Page 147 - Jewish Book Annual Volume 38

Basic HTML Version

1 3 7
dence in Preil’s second volume (the section “From American
Landscapes,” particularly “Walt Whitman and the Coachman,”
“An American Graveyard,” “Poems for Avia” and “Walks”). Yet
the first indications o f this genre can be found in the shorter
narratives o f Nancy Lincoln, G randpa John or Franz Hals in the
first volume. Unfortunately , none o f these longer poems has as
yet been translated into English. Preil himself has phased them
out in his later poetry. T here seems, however, to be a welcome
re tu rn o f similar poems among those he has published more
recently (“Gino in Jerusa lem ,” “Yehuda Leib Teller”). Hopefully,
these will be incorporated into his next volume.
There is no doubt, nevertheless, tha t the dom inant fea ture of
Preil’s poetry, as well as his underlying forte, is the imagistic or the
quasi-imagistic poem. In later collections (
Map of Evening,
and i'm?
and Silence
, 1968), his utmost attention is devoted to the
sights, colors and shapes of the world surround ing him. One
sometimes gets the impression tha t the poet is a fru s tra ted
painter, as when he describes the yellow sunset, or when he often
compares himself to various painters. More often, however, the
scenes, lively and picturesque as they may be, only serve as a
vehicle to describe (not to express!) a mood, an emotion, a state of
affairs: “Jerusa lem ’s Au tumn” conjures up the presence o f a
woman; “the re trea ting sea” and the “heavily laden railroad car”
signify the moment o f poetic creation.
Most interesting is the way in which the poet exploits the visual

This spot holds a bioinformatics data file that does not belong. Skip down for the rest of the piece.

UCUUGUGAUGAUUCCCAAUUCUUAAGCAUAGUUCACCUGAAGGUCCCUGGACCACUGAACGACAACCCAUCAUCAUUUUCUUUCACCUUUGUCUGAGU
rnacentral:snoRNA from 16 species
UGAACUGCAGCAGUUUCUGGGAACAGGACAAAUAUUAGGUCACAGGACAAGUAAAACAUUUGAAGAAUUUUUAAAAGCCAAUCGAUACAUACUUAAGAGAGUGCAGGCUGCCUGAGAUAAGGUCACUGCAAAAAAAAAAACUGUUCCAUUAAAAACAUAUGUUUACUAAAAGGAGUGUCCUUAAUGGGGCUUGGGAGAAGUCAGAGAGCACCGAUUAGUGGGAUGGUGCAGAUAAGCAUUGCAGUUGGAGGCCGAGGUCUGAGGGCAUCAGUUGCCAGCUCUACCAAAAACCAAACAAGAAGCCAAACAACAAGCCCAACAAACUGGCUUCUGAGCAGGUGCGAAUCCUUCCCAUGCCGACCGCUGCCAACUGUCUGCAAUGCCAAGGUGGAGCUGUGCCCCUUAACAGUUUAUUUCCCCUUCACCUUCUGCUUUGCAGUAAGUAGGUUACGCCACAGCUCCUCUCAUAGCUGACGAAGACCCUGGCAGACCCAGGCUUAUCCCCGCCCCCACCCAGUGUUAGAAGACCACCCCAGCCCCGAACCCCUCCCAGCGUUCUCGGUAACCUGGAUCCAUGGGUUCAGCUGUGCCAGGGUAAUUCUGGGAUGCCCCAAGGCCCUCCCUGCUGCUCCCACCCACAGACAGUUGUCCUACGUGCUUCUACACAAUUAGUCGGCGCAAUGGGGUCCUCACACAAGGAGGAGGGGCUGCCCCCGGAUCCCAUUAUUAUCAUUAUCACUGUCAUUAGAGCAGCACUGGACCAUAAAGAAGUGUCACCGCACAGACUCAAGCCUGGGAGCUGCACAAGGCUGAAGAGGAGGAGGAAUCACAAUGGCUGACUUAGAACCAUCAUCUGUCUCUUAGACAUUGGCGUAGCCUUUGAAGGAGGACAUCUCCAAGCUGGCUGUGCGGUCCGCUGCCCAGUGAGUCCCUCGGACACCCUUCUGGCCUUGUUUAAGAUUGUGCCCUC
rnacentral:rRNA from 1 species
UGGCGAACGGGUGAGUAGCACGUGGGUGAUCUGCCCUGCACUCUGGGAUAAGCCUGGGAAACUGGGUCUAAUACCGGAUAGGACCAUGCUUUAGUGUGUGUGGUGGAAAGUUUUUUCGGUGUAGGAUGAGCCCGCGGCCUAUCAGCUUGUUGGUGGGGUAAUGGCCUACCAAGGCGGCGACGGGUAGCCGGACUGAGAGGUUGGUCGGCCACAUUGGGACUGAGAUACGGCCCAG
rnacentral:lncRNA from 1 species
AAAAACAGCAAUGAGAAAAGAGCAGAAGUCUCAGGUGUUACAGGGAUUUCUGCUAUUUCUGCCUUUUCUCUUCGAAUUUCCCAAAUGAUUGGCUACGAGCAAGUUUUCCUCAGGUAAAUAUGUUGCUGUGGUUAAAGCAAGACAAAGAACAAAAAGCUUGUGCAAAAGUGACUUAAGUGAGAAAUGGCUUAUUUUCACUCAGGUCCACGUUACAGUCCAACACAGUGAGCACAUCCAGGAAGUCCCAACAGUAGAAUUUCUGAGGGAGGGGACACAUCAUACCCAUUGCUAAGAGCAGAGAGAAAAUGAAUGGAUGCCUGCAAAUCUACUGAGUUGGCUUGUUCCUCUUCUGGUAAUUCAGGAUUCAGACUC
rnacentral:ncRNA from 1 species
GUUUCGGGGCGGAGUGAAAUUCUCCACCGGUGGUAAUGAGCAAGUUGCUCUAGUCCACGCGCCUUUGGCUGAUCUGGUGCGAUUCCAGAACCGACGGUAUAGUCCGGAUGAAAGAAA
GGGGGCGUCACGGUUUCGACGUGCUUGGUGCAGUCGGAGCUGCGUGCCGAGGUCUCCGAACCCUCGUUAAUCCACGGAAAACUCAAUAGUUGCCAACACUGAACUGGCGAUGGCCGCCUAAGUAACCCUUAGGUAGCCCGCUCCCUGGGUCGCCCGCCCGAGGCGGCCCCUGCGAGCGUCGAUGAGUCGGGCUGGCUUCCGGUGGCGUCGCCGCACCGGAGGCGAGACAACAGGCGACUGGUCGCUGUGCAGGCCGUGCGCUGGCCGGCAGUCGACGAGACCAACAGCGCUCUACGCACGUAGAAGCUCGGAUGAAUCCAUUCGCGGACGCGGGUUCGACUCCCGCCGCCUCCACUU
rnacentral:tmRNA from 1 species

dimension in o rde r to delineate the otherwise uncapturable pas­
sage o f time: the recollected sights o f a “L ithuanian A u tum n” are
juxtaposed with the p resen t vistas o f an American spring, or with
the “snowy valley o f the mo ther.” It seems tha t the poet’s initial
concern with time, which had prom p ted him to write “A Letter
from Man to T im e” (
Landscape of Sun and Frost,
p. 11), was rele­
gated to the background , only to surface again in his most recent
poetry (
Poemsfrom End to End,
1976). After a phase, du ring which
Preil abandons himself to the sweeping scenes and colors, he
seems to come to the realization “tha t
time, color-blind
tone deaf,
is the thief and the the ft” (“A Letter”). In o ther words, the rich
color, and (to a lesser degree) the musicality o f Preil’s verbal art,
are his ammunition in his war against his arch enemy, the color­
blind, and tone-deaf Time. Time inflicts on him “rusty foliage”
and “snowy valley” (“My Time Now”); “rustiness of things” and
“nighttime disputes” (“Cities Within Me”); “rust o f time” and sour